Several other strategies to increase experiential training capacity were examined in the 2009/2010 Hospital Pharmacy in Canada survey. For example, the use of preceptors from other disciplines (nursing, medicine, etc.) was reported by 25% of respondents. Although the interdisciplinary nature of this approach has merit (and such an approach should be part of every pharmacy student’s training), the responsibility for serving as primary preceptors for pharmacy students should rest with the members of the pharmacy profession. Pharmacist preceptors are most familiar with the outcomes required to meet accreditation standards, understand the role that pharmacists should play on collaborative health care teams, and are best positioned to ensure that the experiential educational objectives are met. In addition, the capacity and willingness of other disciplines to assume a major role in the experiential training of pharmacy students is unlikely to be sufficient to support the needs of pharmacy educational programs.

The majority of respondents (55%) reported that they assigned only one student to each preceptor.22 As such, SPEP training capacity could be expanded by adopting a model with more than one student assigned to each preceptor, similar to other disciplines, like medicine and nursing. A further 28% of respondents reported using other models, in which senior pharmacy students participate in the training of more junior pharmacy students. Such “peer-assisted” or “near-peer” training models have been used in medical training for many years. A peer-assisted training model in a hospital pharmacy setting was recently described,23 and the authors of a recent study on hospital pharmacy residency programs made a case for the pharmacy profession adopting the medical model.24 They argued that a system that integrates pharmacy students and hospital pharmacy residents into a peer or near-peer teaching model can provide significant benefits to the hosting hospital by increasing provision of services and patient coverage, while improving the experiential training of pharmacy students and residents. As a result, such peer or near-peer models would likely be welcomed by many hospitals, since they offer the potential to significantly increase the capacity for SPEP training of undergraduate pharmacy students. However, implementation of these types of training models would require a major change in the way that SPEP training is designed and scheduled throughout the entire undergraduate pharmacy program.

AN INNOVATIVE EXPERIENTIAL TRAINING MODEL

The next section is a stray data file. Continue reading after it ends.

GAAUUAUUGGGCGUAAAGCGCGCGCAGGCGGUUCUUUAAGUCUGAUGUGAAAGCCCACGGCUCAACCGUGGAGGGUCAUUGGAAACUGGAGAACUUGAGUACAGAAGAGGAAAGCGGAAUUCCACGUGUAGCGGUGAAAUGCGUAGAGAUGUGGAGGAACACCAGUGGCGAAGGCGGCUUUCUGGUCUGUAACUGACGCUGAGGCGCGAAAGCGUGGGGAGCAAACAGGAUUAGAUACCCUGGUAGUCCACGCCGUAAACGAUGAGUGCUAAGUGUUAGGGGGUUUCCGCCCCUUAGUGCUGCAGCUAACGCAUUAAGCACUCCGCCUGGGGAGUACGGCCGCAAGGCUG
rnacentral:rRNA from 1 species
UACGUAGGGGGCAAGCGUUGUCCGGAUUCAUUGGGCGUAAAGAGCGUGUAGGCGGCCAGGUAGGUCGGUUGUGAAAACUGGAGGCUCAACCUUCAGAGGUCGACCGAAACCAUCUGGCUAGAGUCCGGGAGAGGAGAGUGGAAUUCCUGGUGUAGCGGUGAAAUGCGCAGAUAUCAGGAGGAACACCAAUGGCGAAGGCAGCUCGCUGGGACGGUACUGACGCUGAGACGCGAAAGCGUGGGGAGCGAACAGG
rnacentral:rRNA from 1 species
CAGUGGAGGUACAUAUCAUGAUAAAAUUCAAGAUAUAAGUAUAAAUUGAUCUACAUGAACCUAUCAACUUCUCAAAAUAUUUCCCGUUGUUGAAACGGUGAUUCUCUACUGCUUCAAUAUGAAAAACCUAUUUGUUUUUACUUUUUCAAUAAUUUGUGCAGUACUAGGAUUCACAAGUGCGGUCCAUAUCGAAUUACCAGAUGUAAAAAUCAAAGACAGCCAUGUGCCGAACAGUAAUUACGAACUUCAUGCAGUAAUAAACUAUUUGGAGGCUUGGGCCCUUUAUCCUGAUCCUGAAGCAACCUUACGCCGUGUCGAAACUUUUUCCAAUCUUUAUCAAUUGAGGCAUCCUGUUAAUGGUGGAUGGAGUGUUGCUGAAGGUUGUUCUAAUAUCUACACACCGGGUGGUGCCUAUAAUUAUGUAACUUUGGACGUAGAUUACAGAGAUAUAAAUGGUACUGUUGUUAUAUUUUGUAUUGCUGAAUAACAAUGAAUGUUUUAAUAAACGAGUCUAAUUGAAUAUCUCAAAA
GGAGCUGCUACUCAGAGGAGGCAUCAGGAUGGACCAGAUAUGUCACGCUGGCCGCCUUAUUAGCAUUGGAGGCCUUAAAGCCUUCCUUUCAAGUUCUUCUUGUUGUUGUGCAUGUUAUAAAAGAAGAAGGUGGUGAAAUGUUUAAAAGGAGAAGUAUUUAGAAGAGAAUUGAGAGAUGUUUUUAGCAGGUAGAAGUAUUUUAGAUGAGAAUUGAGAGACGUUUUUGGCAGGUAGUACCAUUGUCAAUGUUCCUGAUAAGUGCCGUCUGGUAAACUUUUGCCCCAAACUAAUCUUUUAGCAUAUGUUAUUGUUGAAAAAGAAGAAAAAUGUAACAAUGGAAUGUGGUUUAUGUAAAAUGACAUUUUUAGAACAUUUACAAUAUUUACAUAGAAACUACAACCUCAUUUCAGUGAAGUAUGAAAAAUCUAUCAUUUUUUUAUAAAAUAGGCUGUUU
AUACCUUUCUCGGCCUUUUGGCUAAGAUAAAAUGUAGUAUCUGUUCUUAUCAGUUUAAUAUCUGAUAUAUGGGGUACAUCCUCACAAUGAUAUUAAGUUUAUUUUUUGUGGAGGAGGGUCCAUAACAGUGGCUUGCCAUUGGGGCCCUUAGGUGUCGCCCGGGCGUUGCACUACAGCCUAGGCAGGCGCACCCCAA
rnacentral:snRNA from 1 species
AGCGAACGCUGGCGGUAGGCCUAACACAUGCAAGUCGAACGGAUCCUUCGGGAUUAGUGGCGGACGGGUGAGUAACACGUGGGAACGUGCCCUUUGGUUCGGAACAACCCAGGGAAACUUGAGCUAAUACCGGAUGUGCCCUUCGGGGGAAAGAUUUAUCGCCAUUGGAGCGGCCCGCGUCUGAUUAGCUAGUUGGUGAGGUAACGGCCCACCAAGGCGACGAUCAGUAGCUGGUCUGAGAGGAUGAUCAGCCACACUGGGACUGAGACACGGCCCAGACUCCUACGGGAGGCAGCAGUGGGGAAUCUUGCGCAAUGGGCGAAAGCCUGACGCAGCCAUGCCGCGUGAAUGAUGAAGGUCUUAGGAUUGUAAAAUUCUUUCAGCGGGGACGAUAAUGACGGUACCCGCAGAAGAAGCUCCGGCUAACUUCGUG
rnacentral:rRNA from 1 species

One innovative experiential training model has been developed to address many of the problems associated with existing models. In 2001 and 2002, two of the authors (D.A.M. and J.E.T.) helped to develop and subsequently participated in this new experiential training model, which was introduced at the Henry Ford Hospital in Detroit, Michigan, for PharmD students from the College of Pharmacy and Health Sciences at Wayne State University (WSU), also in Detroit. The pilot program used a Longitudinal Advanced Pharmacy Practice (LAPP) model, in which students completed 5 to 7 (of a total of 8) required 6-week rotations at a single hospital site. Traditionally, students had completed rotations at a variety of participating hospitals, often visiting a new site every 6 weeks. There were multiple reasons for implementing a new model. First, it was becoming increasingly difficult for the experiential coordinator at the college to find hospitals and preceptors willing to accept students on rotation. Much of the reluctance seemed to stem from a developing consensus that students were burdensome, adding significantly to departmental workload and negatively affecting clinical pharmacists’ ability to provide quality patient care. With the traditional model, each student was typically assigned to accompany (i.e., “shadow”) a single clinical pharmacist, whose job was to orient the student to the unit and to the pharmacist’s roles and responsibilities. It could take several weeks to teach a student who was new to the hospital how to use computer systems and to orient him or her to hospital policy, procedures, and protocols. By the end of their 6-week rotations, most students were beginning to contribute to patient care, but the start-up process was labour-intensive and had to be repeated each time a new student came to the hospital. Any contribution a student might make to providing patient care was far outweighed by these start-up costs.